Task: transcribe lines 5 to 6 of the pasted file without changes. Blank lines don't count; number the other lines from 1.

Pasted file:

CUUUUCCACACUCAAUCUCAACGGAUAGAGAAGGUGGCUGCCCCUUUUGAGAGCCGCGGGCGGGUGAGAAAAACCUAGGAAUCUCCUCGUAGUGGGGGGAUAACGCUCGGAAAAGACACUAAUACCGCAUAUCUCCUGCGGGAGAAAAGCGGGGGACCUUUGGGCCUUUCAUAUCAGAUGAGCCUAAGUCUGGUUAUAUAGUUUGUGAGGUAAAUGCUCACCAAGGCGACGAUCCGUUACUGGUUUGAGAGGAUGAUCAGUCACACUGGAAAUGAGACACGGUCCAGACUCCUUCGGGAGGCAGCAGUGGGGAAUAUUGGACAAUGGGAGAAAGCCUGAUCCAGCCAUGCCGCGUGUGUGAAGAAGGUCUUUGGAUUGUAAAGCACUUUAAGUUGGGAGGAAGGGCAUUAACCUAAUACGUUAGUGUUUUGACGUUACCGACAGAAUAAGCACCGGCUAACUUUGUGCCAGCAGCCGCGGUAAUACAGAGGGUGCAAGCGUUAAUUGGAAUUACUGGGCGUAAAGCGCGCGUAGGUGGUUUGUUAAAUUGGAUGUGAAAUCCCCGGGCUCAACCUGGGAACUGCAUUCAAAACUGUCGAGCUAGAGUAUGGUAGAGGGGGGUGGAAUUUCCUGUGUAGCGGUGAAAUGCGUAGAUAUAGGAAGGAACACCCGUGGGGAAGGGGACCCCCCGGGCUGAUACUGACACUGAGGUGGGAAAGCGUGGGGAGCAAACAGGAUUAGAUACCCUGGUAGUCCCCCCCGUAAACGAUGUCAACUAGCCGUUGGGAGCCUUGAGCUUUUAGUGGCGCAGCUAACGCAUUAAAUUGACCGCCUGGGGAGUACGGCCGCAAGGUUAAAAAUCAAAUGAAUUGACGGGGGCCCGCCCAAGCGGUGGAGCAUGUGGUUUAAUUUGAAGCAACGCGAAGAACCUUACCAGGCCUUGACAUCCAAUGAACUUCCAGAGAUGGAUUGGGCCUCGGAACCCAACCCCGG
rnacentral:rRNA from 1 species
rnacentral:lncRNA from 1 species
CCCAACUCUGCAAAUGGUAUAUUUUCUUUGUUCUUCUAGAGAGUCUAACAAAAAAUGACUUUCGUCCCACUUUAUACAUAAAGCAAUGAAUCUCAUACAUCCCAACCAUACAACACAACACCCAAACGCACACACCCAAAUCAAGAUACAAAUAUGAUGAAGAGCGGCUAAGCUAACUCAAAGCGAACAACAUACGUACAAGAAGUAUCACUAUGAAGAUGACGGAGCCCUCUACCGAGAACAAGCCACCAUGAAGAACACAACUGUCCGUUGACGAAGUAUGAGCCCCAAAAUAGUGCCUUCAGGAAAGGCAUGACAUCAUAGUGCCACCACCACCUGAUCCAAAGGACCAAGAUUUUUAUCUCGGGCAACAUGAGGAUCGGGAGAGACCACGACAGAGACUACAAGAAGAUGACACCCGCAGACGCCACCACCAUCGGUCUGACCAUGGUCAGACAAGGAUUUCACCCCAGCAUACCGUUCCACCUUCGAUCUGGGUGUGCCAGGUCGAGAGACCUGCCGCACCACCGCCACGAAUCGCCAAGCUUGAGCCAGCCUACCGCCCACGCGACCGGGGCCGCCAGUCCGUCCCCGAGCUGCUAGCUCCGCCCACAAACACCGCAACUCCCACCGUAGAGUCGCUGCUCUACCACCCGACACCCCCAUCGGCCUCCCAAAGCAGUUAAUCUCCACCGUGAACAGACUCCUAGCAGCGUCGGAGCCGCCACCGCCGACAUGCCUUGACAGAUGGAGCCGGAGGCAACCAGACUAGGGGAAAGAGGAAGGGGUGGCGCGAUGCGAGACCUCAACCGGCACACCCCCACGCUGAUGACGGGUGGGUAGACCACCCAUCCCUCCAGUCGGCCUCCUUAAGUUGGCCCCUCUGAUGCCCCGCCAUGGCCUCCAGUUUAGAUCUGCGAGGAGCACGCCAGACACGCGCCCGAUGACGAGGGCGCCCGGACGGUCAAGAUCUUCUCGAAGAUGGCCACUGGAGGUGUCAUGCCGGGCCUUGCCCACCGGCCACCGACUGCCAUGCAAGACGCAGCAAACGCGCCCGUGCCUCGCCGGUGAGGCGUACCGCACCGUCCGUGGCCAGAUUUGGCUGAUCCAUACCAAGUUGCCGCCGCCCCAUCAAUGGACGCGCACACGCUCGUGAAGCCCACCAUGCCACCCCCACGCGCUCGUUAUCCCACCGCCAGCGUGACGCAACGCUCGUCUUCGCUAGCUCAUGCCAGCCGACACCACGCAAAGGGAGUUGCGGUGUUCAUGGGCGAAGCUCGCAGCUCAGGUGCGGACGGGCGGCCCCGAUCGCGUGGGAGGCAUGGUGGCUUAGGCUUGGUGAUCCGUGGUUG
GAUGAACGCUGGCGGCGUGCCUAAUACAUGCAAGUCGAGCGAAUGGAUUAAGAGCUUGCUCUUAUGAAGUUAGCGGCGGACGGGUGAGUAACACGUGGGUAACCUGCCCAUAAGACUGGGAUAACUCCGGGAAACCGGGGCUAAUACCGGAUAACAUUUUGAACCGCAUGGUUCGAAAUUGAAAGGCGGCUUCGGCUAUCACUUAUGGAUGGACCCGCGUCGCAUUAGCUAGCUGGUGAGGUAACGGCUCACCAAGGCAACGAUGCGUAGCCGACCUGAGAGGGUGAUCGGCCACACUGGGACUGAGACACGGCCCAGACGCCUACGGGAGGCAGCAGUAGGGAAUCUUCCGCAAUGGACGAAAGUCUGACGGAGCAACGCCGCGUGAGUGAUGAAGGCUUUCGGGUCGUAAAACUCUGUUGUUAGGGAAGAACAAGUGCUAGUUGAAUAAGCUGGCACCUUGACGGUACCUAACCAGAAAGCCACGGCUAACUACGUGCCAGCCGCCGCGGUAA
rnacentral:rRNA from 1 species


GAUGAACGCUGGCGGCGUGCCUAAUACAUGCAAGUCGAGCGAAUGGAUUAAGAGCUUGCUCUUAUGAAGUUAGCGGCGGACGGGUGAGUAACACGUGGGUAACCUGCCCAUAAGACUGGGAUAACUCCGGGAAACCGGGGCUAAUACCGGAUAACAUUUUGAACCGCAUGGUUCGAAAUUGAAAGGCGGCUUCGGCUAUCACUUAUGGAUGGACCCGCGUCGCAUUAGCUAGCUGGUGAGGUAACGGCUCACCAAGGCAACGAUGCGUAGCCGACCUGAGAGGGUGAUCGGCCACACUGGGACUGAGACACGGCCCAGACGCCUACGGGAGGCAGCAGUAGGGAAUCUUCCGCAAUGGACGAAAGUCUGACGGAGCAACGCCGCGUGAGUGAUGAAGGCUUUCGGGUCGUAAAACUCUGUUGUUAGGGAAGAACAAGUGCUAGUUGAAUAAGCUGGCACCUUGACGGUACCUAACCAGAAAGCCACGGCUAACUACGUGCCAGCCGCCGCGGUAA
rnacentral:rRNA from 1 species